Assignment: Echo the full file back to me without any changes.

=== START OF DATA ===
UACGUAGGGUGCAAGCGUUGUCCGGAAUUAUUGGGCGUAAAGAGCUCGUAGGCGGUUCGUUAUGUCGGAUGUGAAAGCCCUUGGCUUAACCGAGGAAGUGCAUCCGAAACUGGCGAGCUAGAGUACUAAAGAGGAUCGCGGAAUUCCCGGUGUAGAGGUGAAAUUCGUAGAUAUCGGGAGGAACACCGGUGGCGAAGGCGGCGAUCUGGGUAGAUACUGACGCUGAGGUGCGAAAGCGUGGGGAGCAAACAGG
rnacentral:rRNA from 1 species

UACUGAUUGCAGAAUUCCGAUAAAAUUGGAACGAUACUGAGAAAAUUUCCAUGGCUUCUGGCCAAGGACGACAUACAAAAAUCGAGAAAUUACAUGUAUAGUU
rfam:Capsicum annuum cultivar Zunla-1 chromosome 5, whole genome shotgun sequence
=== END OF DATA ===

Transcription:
UACGUAGGGUGCAAGCGUUGUCCGGAAUUAUUGGGCGUAAAGAGCUCGUAGGCGGUUCGUUAUGUCGGAUGUGAAAGCCCUUGGCUUAACCGAGGAAGUGCAUCCGAAACUGGCGAGCUAGAGUACUAAAGAGGAUCGCGGAAUUCCCGGUGUAGAGGUGAAAUUCGUAGAUAUCGGGAGGAACACCGGUGGCGAAGGCGGCGAUCUGGGUAGAUACUGACGCUGAGGUGCGAAAGCGUGGGGAGCAAACAGG
rnacentral:rRNA from 1 species

UACUGAUUGCAGAAUUCCGAUAAAAUUGGAACGAUACUGAGAAAAUUUCCAUGGCUUCUGGCCAAGGACGACAUACAAAAAUCGAGAAAUUACAUGUAUAGUU
rfam:Capsicum annuum cultivar Zunla-1 chromosome 5, whole genome shotgun sequence